According to NASA, the rover will scoop twice, shake the dirt “thoroughly … to scrub the internal surfaces” and then dump the soil.
The fourth sample of soil from the scoop — which isn’t that big, at 1.8 inches wide and 2.8 inches long — will be analyzed by Curiosity’s instruments that identify chemical ingredients, NASA said.
“Our X-ray diffraction experiment shines X-rays through the sample’s rock crystals and can uniquely sense the fingerprint of each mineral,” Vasavada said. “Even this typical Mars sand will be seen in a new light, and could yield some surprises.”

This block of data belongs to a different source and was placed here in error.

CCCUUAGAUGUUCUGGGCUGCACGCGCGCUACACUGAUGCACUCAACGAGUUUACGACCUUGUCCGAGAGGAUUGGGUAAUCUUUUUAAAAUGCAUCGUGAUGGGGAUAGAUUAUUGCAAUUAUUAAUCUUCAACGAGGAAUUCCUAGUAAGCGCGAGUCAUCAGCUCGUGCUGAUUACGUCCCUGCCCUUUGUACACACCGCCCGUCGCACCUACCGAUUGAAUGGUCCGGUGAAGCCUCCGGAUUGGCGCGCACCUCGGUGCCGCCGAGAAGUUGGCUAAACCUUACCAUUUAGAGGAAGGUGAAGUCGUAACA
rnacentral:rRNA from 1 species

Curiosity continues to send back photos and information to thrill the scientific community. Recently, the rover sent back images from an outcrop of rocks known as Link that showed evidence of an ancient riverbed on Mars.
After its work is done at Rocknest, Curiosity is to drive about 100 yards to the east into Glenelg for the first-ever use of its drill to burrow into a rock for even more samples.